- Goku in Dragonball Evolution tries to prepare for his first day of high school with some hair gel... only for his spiky hair to spring right back up and fling the goop off onto the mirror, catapult style.
- Played for pathos in Interview with the Vampire, where the child vampire Claudia cuts off her long curly hair in frustration over being an Undead Child... only for it to grow back, beautiful as ever.
- The film version of The Princess Diaries shows a brush breaking off in Mia's hair.
- The Santa Clause: As part of the film's You Kill It, You Bought It premise, Scott Calvin is turning into Santa Claus, complete with long white beard. If he tries to shave it off, it immediately grows back. Dyeing his greying hair doesn't work either, since it fades in seconds.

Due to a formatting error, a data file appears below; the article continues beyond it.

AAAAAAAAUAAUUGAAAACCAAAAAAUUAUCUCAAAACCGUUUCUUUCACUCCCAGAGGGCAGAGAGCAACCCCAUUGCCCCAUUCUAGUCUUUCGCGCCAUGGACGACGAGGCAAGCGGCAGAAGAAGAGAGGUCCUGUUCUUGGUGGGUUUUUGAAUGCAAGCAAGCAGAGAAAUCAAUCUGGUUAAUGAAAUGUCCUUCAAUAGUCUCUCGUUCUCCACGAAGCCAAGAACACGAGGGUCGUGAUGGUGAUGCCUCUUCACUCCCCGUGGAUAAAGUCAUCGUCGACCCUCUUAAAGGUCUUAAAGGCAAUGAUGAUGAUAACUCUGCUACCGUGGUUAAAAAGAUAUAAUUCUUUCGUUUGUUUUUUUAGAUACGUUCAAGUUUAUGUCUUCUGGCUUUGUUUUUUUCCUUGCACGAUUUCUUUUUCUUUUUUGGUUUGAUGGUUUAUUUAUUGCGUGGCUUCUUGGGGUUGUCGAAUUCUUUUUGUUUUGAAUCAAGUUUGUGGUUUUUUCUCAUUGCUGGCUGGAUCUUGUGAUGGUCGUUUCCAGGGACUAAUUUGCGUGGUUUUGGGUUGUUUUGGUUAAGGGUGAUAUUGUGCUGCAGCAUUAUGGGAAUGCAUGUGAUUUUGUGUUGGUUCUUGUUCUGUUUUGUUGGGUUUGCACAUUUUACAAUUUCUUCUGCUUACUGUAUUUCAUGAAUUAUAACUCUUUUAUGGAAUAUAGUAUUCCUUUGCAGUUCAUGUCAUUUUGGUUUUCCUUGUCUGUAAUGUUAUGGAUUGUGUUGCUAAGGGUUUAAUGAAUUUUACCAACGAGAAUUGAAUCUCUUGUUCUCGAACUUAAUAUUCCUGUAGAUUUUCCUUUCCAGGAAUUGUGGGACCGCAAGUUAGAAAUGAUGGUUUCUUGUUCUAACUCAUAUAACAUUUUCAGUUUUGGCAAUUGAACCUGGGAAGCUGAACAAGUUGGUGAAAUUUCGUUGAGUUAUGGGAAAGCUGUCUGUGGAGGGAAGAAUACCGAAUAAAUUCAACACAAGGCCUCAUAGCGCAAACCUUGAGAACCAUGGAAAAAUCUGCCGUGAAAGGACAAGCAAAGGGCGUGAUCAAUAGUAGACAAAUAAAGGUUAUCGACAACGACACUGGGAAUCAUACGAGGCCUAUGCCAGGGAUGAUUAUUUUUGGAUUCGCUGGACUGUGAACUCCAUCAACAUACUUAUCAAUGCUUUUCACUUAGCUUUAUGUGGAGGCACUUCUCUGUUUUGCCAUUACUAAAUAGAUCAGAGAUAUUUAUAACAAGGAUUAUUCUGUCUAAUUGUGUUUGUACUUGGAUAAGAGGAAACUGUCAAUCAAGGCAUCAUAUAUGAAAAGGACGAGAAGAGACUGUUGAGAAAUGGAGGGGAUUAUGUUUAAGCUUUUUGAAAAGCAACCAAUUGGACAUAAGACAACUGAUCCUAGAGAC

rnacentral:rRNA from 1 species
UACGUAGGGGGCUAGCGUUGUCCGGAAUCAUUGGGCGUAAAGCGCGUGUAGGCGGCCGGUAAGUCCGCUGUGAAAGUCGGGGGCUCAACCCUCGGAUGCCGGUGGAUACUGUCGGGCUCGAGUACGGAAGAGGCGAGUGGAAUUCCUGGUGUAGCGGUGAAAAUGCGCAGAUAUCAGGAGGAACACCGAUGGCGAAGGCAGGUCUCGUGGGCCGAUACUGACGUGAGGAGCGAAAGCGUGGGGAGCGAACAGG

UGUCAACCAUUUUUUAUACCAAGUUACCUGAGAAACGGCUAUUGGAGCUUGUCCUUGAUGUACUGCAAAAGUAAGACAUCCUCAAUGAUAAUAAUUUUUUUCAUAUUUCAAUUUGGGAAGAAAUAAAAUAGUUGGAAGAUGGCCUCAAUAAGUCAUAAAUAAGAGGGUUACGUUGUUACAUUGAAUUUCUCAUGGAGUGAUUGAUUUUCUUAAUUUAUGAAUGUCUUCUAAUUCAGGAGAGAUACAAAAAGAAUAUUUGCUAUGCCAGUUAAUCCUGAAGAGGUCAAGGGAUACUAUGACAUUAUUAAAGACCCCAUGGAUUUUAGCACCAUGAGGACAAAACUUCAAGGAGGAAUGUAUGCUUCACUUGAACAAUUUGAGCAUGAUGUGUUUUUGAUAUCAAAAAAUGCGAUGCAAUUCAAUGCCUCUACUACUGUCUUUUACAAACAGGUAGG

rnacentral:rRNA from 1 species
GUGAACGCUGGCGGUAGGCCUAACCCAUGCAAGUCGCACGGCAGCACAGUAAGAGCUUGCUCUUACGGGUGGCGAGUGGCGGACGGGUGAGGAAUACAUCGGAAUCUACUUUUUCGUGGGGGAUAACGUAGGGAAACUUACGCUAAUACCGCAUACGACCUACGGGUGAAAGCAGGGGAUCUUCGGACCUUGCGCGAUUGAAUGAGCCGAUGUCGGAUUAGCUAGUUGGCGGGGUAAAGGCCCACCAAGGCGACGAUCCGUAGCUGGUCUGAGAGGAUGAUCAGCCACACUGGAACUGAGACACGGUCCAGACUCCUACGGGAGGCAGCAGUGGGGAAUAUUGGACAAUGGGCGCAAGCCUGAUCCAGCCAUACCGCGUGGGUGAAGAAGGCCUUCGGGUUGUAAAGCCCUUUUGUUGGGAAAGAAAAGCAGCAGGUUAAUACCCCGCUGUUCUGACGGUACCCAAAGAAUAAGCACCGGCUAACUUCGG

- In A Taxing Woman, Itakura-san, the eponymous taxing woman, has a stubborn cowlick that her boss is always reminding her about, but her swipes at it with a hand don't do much.
- Soul Music introduces us to Death's grand-daughter, Susan Sto-Helit, whose hair refuses to stay in plaits or other styles, and reminds people of a dandelion. Further adventures show that her hair will accept being in a prim-and-proper bun.
- In Wyrd Sisters, Magrat Garlick is a young witch who has been blessed or otherwise, with long, frizzy, unruly, blonde hair. She tries to use magic to make her hair long, silky, full-bodied and manageable. But by about three o'clock, the magic has worn off and she resembles a dandelion clock pulled backwards through a thorn bush.
- Harry Potter:
- Hermione is known for having incredibly bushy hair that can only be tamed with "liberal amount of Sleekeazy's Hair Potion" for special occasions.